Antibody buffer: Why does my recipe have such high osmo?

tmorris at uhnres.utoronto.ca tmorris at uhnres.utoronto.ca
Wed Oct 16 17:32:26 EST 2002


Yes these are fixed, permeablized cells, so the the reduced background explanation is probably it. I'll play with it and see if this makes a difference to my preps /antibodies, although non-spec staining isn't usually a problem.

Thanks,

Rubic



D.K. wrote:

> tmorris at uhnres.utoronto.ca wrote:
> >Are there any experts on the practical aspects of immunocyt? If so I thank you
> > in advance for advice on this one.
> >
> >Our lab has a hand-me-down recipe for antibody buffer, for staining imobilized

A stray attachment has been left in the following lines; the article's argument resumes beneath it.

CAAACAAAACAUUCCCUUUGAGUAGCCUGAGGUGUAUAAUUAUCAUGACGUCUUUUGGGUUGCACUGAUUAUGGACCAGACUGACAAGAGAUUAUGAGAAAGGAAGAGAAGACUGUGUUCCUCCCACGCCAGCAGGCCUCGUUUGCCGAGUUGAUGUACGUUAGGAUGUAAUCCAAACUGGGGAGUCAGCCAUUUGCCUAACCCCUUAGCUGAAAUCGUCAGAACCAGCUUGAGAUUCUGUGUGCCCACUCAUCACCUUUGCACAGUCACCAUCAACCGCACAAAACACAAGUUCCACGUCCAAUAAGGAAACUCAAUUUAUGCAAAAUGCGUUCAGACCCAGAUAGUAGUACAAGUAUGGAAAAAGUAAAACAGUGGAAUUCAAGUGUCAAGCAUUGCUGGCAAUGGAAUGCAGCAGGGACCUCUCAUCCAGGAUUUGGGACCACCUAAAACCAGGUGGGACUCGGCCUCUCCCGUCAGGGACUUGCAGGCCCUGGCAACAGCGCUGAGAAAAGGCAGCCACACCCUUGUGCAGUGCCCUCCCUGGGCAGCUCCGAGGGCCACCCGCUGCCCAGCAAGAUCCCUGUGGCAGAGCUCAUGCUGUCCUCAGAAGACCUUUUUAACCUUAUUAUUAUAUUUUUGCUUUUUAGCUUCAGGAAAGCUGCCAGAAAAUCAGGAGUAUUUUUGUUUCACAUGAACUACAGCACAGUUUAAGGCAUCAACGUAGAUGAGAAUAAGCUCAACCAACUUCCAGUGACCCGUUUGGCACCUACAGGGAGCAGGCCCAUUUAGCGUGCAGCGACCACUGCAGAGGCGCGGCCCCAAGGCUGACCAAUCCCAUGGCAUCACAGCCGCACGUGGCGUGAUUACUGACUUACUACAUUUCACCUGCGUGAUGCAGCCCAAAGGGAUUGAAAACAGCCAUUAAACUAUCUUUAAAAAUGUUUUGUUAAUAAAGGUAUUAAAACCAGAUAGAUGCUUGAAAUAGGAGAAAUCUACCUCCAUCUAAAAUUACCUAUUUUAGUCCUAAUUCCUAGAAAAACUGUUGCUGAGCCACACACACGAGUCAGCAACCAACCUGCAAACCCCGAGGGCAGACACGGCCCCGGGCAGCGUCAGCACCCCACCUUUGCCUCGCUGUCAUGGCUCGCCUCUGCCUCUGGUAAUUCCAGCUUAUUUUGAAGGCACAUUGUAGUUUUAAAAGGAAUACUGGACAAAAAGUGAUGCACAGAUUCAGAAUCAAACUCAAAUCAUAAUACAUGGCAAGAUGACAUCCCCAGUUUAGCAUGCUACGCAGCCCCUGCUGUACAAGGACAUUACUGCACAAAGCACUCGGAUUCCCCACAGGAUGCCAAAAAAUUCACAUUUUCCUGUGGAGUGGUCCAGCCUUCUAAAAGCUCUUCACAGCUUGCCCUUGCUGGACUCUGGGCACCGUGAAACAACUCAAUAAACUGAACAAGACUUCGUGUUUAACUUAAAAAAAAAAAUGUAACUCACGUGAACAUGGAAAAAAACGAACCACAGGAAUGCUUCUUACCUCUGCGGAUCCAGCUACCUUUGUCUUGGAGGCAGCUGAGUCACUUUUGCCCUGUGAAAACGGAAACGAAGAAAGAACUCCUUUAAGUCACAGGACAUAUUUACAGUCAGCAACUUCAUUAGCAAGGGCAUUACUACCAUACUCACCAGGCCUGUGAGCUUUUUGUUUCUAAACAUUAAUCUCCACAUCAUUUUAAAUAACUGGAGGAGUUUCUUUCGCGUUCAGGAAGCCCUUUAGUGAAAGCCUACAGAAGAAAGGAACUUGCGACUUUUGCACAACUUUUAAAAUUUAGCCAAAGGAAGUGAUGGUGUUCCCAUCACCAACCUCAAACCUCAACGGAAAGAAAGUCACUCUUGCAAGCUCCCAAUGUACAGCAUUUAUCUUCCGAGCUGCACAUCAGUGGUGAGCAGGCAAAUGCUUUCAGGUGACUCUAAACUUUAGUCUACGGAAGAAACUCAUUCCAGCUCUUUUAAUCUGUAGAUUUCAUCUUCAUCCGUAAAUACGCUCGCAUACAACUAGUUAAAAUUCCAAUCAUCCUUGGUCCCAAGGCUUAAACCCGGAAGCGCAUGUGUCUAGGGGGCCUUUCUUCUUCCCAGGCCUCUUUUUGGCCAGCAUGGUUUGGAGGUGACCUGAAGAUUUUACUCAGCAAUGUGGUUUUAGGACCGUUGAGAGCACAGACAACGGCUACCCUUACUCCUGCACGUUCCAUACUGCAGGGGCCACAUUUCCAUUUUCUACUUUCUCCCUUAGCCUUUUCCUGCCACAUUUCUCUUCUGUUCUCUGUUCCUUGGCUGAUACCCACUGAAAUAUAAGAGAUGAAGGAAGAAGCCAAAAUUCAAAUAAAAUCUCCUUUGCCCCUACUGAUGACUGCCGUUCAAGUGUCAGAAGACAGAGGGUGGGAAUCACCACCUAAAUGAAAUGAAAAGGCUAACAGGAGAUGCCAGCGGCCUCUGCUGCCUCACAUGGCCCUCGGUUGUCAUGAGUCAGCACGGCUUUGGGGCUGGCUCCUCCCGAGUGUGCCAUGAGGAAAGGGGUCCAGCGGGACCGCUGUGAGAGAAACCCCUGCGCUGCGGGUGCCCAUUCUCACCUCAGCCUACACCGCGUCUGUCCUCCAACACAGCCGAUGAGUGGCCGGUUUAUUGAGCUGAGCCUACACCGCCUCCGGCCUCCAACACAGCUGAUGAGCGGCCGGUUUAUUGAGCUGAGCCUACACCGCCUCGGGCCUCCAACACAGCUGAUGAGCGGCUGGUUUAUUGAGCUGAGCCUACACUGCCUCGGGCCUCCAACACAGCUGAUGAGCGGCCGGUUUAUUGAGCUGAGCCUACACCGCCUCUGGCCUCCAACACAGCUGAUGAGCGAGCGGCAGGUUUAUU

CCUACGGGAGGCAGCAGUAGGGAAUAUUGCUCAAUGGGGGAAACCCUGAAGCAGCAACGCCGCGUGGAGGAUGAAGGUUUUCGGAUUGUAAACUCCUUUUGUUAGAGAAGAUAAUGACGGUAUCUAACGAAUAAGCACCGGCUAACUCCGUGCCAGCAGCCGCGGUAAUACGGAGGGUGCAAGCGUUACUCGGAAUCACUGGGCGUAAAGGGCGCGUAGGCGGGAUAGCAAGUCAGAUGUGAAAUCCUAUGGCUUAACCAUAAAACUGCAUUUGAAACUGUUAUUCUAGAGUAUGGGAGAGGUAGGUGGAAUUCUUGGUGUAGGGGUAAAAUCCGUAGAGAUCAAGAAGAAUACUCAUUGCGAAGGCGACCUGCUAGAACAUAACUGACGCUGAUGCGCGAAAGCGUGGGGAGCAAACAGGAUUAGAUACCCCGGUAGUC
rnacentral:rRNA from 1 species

> > isolated neurones for fluorescent microscopy. It's basically a tris based
> > buffer which includes 500mM NaCl. No one can offer a rational explanation for
> > this, nor can I find anything similar on the web or in books. I've used a
> > borate buffer with a more normal osmolarity (300 mOsmol) and the staining was
> > just as good. I suspect PBS would work also, which is what most books
> > reccomend. 
> >Such high salt might neutralize static charges on IgG, but why would this help
> > in binding epitope. Am I missing somthing? The person who designed this buffer
> > must have had a good reason and I don't want to just ditch a protocol without
> > a clear understanding of the whys and wherefores.
> >

> If these are fixed permeabilized cells, high salt buffer is not necessary
> but can frequently be helpful to decrease level of non-specific staining 
> quite dramatically (you do control staining with different cells and different
> antibody, right?). 

> If these are live cells, it make absolutely no sense. 

> DK





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